Lauren Jackson, a three-time WNBA MVP, officially pulled out of contention to compete with Basketball Australia in the FIBA World Championships later this month in Turkey. Instead she underwent a surgical procedure Tuesday on her hip and will continue rehabilitation on her right knee, which was first operated on in February.
It’s another episode in “Jackson Watch” for Storm fans. The organization hasn’t seen a healthy Jackson dress for the team since the 6-foot-6 post won it a WNBA championship in 2010, also earning the regular-season and Finals’ MVP honors. The 33-year-old Australian hasn’t played at all for the Storm since 2012.
In Jackson’s basketball calendar, the Storm is third due to national team obligations and overseas play during the WNBA-offseason’s winter months. This cycle, the global star suffered the knee injury in China last winter and had to miss the 2014 WNBA season to rehabilitate with the goal of playing with the Opals in Turkey.
Given this week’s setback, Jackson’s new aim is to play in November for the Canberra Capitals in her home country’s WNBL. That season tips in October and will crown its champion in March.
The WNBA season would fall next for Jackson, the American league typically opening training camp in April. But many doubt that will happen and wonder if she will ever play for Seattle again due to the rash of injuries and increasing age.
“When she’s made decisions based on the national team and/or injury, naturally it frustrates some people,” said Storm coach Brian Agler, who said he talks or texts with Jackson about three times a week. “She’s fought a lot of injures the last four or five years. In my seven years here, I don’t know the exact number, but I think she’s played in less than 33 percent of the games and it was mostly based on being injured.”
In total, Tuesday’s hip surgery was Jackson’s fifth operation this year. Since 2010, she’s had surgeries on her hip (2011), Achilles (2011), and hamstring (2013).
Jackson’s first documented surgery since being drafted by Seattle with the top overall pick in 2001 was on her shoulder following that WNBA season. She didn’t return to Seattle after the 2008 Olympics due to ankle surgery. After returning from the 2012 Olympics and playing nine games for Seattle due to nagging injuries, Jackson said she should’ve listened to her aching body and not played that WNBA season.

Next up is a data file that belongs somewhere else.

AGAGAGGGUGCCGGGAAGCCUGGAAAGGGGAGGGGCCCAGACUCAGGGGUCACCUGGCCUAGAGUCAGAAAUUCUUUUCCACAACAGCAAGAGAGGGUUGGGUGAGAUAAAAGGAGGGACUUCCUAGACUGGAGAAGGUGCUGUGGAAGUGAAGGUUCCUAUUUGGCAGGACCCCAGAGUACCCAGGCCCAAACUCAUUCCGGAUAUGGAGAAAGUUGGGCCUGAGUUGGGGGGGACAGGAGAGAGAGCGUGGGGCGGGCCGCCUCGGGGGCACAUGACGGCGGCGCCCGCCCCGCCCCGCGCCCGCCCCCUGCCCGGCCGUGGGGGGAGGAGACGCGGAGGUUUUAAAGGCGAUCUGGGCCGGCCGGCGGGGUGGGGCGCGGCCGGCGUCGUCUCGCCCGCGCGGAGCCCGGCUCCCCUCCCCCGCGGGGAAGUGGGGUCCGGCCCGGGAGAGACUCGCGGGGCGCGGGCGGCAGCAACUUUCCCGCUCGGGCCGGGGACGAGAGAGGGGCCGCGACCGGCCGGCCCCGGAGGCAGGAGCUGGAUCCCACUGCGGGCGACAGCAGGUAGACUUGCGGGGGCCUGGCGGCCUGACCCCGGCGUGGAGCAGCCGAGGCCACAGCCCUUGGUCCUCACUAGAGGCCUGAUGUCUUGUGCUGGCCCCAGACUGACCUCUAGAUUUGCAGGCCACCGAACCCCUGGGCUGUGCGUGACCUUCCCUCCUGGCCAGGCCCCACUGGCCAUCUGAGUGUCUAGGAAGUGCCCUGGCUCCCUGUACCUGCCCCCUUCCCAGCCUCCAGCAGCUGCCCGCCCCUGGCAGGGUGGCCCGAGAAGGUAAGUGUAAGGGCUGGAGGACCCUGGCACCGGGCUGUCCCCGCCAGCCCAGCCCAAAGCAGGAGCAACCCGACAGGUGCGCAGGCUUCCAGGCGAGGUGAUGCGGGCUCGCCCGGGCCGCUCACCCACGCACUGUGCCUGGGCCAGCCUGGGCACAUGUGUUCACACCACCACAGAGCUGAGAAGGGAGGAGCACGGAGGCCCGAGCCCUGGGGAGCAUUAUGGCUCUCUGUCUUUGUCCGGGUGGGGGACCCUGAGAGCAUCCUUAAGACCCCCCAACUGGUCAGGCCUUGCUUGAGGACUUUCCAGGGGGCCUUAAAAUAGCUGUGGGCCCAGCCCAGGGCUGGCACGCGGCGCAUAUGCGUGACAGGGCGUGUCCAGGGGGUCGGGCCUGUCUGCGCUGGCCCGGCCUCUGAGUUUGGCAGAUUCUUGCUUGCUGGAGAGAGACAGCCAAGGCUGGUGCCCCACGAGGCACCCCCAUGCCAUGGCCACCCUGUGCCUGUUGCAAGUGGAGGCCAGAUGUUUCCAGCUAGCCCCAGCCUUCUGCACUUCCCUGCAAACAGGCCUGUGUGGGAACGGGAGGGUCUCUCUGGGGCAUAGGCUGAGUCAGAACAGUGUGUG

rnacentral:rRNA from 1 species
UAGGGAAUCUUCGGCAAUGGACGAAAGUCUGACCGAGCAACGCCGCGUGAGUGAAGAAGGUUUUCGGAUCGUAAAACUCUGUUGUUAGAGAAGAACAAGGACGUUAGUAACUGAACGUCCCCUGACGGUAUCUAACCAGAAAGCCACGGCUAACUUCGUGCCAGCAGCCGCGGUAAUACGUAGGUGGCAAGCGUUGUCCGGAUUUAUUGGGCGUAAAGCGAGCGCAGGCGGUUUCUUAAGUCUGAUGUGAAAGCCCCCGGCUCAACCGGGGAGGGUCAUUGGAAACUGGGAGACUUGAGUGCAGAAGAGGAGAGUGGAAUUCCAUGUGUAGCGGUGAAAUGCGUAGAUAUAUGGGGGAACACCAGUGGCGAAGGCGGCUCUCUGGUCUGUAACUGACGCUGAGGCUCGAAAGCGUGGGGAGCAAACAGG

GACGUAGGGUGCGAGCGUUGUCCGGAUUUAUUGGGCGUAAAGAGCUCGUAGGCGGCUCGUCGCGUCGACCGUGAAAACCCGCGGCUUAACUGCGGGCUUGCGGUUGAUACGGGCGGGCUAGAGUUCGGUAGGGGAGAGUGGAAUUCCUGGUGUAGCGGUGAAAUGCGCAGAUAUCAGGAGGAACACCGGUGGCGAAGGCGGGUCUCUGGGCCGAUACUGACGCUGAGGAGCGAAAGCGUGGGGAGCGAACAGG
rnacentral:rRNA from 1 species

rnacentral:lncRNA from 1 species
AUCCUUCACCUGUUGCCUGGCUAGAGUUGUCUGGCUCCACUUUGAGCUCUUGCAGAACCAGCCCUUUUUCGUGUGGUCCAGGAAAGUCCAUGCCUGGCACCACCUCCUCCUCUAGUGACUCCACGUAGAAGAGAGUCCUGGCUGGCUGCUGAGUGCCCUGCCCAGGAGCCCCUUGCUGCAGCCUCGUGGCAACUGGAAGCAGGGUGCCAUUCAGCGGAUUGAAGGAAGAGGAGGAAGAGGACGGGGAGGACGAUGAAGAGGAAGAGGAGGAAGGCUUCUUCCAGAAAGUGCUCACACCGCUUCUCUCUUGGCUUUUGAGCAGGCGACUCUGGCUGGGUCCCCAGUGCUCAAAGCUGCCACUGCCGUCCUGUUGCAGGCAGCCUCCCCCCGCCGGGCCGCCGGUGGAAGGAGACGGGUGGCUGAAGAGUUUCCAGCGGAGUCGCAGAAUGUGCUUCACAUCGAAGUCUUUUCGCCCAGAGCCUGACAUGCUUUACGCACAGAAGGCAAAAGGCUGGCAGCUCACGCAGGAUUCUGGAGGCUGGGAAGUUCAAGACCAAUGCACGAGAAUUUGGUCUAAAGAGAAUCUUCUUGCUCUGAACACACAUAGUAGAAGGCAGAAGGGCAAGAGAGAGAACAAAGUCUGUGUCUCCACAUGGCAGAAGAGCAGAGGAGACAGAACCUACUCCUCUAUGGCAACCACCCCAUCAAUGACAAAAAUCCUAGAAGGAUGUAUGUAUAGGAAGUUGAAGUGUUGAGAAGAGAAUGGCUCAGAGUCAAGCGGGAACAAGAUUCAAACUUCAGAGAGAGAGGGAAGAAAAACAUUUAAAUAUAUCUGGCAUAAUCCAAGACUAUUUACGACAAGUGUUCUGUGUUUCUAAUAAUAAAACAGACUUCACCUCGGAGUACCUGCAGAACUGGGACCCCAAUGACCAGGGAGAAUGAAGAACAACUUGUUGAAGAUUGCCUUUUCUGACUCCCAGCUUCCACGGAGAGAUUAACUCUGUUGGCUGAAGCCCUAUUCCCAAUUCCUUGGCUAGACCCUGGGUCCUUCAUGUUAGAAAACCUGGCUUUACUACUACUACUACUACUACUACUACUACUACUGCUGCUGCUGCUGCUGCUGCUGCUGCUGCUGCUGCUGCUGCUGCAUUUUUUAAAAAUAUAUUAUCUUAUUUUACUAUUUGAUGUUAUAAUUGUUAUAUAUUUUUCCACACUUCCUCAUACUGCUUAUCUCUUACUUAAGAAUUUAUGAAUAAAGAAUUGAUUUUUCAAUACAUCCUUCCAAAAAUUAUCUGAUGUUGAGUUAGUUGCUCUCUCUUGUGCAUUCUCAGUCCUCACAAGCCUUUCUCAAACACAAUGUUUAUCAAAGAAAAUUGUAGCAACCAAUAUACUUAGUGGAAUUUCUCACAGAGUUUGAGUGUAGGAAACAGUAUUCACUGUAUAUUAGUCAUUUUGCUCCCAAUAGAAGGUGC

The Storm lost in the opening-round of the WNBA playoffs to Minnesota, Jackson missing a last-second shot that could’ve advanced the team to the Western Conference Finals. Jackson has averaged 18.9 points and 7.7 rebounds in her 12-year career in Seattle, winning two WNBA championships.
Knowing Jackson’s health, Agler doubted in August she would play in the World Championships. Also the Storm’s general manager, Agler didn’t rule Jackson out for the 2015 season but stated, “we’re talking right now about somebody who’s not on the court, yet.”
“It’s hard to gauge (Jackson’s return to Seattle),” Agler said. “Everybody in Seattle has been disappointed with Lauren not being here but it’s hard to blame somebody about that when they’ve been injured. They (fans) also understand how good of a player she is and how much impact she makes on an organization or on a team when she is healthy and she is playing. So, I don’t even know if we can get into any discussion about her until we know that she’s healthy enough to play.”
The last remaining year on Jackson’s WNBA contract was suspended in 2013 when she underwent hamstring surgery. It dissolved under the new collective-bargaining agreement signed in 2014, but Seattle did retain Jackson’s rights.
Agler acquired F Crystal Langhorne, a two-time all-star, in a trade with Washington as a stopgap for Jackson missing the 2014 season. The move didn’t result in success, the Storm finishing at 12-22 — its worst record since Jackson led Seattle to a 10-22 finish her rookie season. The WNBA played a 32-game schedule then.
This year, Seattle missed the postseason for the first time since 2003. It won the ensuing draft lottery to gain the No. 1 overall pick in the 2015 draft. Agler plans to utilize the coveted advantage to get younger, a necessity further heightened by Jackson’s latest injuries.
“With Lauren and being here in Seattle, a big part of that is going to be based on her heath,” Agler said. “As an organization, we will closely monitor that throughout the wintertime as she plays in Australia. And will also base that on how we want to move forward in a bigger picture with our organization.”
Jackson, who signed a three-year deal worth approximately $900,000 AUD to play with the Capitals, assured fans via Twitter she’d be on the court by November.
— Lauren Jackson (@laurenej15) September 2, 2014